Book Review: The Art of the Disney Golden Books

The Art of the Disney Golden BooksZannaland readers are in for a treat, as I’ve finally recruited one of the utmost authorities on Disney books from fact to fiction, from comics to concept art – Scott Otis (or @otisney to some), to share his thoughts in the form of book reviews for us here. Maybe we’ll eventually get him to give us his top 41 Disney Books of All Time too! Please welcome him and enjoy his first review below:

There is more treasure in books than in all the pirates’ loot on Treasure Island and at the bottom of the Spanish Main… and best of all, you can enjoy these riches every day of your life.    — Walt Disney

Hello! My name is Scott and I love books, especially Disney books. So, I’ve decided to start reviewing some of them here. I have an extensive Disney library and hopefully I will be able to write many book reviews for you to enjoy here both from my existing collection and new releases, and hopefully it might influence you to expand your personal Disney library as well. Happy reading!

The Big Little (Golden) Book of Pictures – The Art of the Disney Golden Books by Charles Solomon Walt Disney Golden Books

There were images in the Little Golden Books I was living in, in the backseat of our car on the way to the grocery store. I would dive in and live there, and it felt good. Even if I couldn’t read then — and I was looking at those books long before I could read — they contained amazing worlds. They were warm, inviting, and delicious. I loved them.

— Chris Sanders, Lilo & Stitch writer-director

 

When I saw that Disney was going to release a book about the history and the art of the Disney Golden Books, I was incredibly intrigued. Just when I thought Disney had written a book about every possible topic, here comes another one about something I had never even considered. I grew up reading Golden Books just like any other kid of my generation, I would assume. So, I remember fondly times in my childhood where my mother would read me shortened versions of some of Disney’s finest movies and stories through the Disney Golden Books. Peter PanAlice in Wonderland, the Uncle Remus StoriesCinderella and Dumbo were some of the ones I remembered the most from my childhood.

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Especially the gorgeous pictures and vibrant colors. They weren’t exactly like the scenes from the movies, but close enough, and beautiful in their own way. So, it comes as no surprise that the pictures and story art are the standout stars of this book. Its 160 pages are jam-packed with exquisite examples of some of the finest artwork put out by the Disney Studios and by some of its greatest artists.
 

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Walt Disney’s favorite artist Mary Blair is well-represented here, as she should be. Her artwork stands out with its unique interpretations and bright colors. And it’s wonderful to see the dynamic work of such storied Disney legends as, John Hench, Bill Justice, Joe Grant, Bill Peet, Gustaf Tenggren, and Martin and Alice Provensen displayed on the book’s oversized pages.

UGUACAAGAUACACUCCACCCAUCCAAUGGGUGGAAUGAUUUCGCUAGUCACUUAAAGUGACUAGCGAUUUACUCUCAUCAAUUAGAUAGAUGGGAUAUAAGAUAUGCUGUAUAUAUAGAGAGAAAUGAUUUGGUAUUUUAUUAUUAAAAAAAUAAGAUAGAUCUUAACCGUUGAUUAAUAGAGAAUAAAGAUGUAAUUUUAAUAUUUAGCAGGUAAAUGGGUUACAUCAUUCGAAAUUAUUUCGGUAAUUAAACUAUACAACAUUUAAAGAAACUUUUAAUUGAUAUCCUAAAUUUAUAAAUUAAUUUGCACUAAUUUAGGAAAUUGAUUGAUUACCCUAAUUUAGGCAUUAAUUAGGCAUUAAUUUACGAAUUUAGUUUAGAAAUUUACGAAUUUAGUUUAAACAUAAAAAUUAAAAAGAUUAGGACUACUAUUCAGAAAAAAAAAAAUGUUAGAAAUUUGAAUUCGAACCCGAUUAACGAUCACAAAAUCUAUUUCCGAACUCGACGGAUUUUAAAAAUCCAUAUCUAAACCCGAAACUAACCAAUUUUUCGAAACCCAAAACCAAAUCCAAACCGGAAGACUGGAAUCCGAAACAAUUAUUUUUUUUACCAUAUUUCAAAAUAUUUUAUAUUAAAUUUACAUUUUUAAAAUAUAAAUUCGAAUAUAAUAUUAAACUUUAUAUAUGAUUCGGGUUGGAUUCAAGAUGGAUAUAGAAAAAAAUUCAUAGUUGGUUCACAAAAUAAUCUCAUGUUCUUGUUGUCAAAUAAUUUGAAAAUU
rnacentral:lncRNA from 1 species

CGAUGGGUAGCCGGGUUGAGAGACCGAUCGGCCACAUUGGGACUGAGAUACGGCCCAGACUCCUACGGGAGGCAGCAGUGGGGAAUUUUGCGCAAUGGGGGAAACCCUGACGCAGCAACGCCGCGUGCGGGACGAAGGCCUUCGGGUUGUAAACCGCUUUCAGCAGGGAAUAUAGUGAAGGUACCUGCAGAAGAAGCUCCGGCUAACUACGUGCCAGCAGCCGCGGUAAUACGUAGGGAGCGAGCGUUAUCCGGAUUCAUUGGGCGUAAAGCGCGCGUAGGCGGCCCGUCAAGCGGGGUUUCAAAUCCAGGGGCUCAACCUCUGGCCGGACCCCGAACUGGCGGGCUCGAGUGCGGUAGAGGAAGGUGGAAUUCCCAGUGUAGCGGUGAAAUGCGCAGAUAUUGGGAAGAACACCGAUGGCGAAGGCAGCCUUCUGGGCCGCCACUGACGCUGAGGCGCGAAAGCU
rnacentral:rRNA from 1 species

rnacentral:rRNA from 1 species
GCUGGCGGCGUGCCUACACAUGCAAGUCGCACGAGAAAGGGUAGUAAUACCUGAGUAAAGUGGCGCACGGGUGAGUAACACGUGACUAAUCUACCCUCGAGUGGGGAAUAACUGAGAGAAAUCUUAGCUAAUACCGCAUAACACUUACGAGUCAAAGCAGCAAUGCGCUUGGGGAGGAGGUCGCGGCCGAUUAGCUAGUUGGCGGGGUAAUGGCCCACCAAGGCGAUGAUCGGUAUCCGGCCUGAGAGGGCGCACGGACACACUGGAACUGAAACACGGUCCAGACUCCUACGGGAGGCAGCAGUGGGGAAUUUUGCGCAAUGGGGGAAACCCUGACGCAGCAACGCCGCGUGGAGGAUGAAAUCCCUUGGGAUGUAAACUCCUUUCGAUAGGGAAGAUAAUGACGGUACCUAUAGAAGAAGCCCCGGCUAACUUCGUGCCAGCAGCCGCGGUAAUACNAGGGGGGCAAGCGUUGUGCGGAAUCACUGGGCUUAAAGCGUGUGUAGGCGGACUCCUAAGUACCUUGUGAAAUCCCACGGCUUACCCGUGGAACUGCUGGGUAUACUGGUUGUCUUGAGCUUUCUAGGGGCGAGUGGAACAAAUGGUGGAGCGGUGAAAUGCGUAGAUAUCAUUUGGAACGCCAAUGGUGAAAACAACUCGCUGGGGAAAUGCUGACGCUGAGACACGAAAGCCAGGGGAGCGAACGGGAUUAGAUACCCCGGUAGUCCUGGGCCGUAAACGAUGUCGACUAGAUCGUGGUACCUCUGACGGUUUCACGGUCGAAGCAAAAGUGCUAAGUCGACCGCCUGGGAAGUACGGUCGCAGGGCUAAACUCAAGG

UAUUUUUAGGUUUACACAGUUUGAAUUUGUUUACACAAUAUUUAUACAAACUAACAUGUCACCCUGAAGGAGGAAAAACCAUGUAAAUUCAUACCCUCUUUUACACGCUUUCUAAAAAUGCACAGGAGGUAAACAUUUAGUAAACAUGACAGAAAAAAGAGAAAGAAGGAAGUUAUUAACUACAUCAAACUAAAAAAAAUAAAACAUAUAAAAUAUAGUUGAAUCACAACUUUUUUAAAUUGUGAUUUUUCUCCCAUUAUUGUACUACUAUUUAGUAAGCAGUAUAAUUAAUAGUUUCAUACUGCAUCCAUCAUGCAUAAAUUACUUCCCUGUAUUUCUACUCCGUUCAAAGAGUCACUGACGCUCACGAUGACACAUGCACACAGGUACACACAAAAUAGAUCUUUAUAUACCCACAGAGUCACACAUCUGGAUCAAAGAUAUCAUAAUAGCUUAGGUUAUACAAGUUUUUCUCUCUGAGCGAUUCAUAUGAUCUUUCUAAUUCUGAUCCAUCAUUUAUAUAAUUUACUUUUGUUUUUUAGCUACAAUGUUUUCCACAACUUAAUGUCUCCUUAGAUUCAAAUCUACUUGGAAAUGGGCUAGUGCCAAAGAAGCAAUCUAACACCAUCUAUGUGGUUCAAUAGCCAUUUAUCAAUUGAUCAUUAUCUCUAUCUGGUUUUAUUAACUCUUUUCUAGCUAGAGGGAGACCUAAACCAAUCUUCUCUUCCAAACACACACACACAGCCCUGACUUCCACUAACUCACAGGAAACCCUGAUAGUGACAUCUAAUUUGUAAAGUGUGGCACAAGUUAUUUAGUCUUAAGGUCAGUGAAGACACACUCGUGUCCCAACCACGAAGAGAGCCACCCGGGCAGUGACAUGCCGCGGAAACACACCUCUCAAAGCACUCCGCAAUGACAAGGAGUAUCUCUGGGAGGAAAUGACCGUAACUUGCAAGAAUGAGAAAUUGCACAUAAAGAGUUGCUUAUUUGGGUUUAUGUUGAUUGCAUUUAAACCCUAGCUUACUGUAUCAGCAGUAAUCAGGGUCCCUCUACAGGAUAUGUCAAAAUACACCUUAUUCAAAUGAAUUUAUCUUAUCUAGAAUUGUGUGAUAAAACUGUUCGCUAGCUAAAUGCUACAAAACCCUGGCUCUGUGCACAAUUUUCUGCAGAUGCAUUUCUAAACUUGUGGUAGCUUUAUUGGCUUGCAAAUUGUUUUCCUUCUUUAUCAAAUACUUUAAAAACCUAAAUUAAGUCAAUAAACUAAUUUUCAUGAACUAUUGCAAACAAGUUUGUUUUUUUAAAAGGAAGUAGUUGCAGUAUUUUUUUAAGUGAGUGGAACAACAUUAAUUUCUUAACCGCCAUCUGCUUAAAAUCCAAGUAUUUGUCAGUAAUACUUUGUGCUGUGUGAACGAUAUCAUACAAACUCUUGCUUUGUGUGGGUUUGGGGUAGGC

The Art of the Disney Golden Books Mary Blair, 1944. Note her take on Tinker Bell and the Darling children (9 years before the release of Peter Pan) and Lady (11 years before the release of Lady and the Tramp) and Mole (5 years before the release of The Adventures of Ichabod and Mr. Toad)


The Art of the Disney Golden Books is spread through seven chapters: History, Art & Artists, Memories, Influences, Creations, Discoveries and Legacy. It begins with a history of Disney’s long, symbiotic relationship with the Golden Books and the companies that have published them. It then describes many of the Golden Books artists accompanied by fine examples of their work. The next few chapters include many stories and memories from the animation industry’s finest artists, as well as some of the artists that illustrate today’s Disney Golden Books.
 

The Art of the Disney Golden Books The Art of the Disney Golden Books The Art of the Disney Golden Books


Yes, it’s quite amazing that even today, Disney Golden Books are still being produced and subsequently loved by the newest generation of children. With the recent acquisition of Pixar, all of its wonderful stories are being interpreted into Little Golden Books. And all of Disney’s recent successes from TangledWreck-It Ralph and the incredibly popular Frozen have become Little Golden books too. Overall, I very much enjoyed The Art of the Disney Golden Books. The writing was a little clunky and jumped from artist to artist with little transition, but it effectively told the story of Disney’s Golden Books, a story that I wasn’t previously aware of. And I’m very grateful for it. As I said, the art is the true star here and the book is worth getting just for that. The book is available now in stores and Disney Parks:

 


Have you all seen this book? What are your thoughts? Do you have a set of Disney Golden books for you or your children? I’d love to hear any stories you may have. And, if you have any recommendations for future book reviews, please let me know.





About Suzannah Otis

Boston girl living and blogging in Walt Disney World's backyard. Wife, Mom of 3, coffee addict, lover of travel and adventure.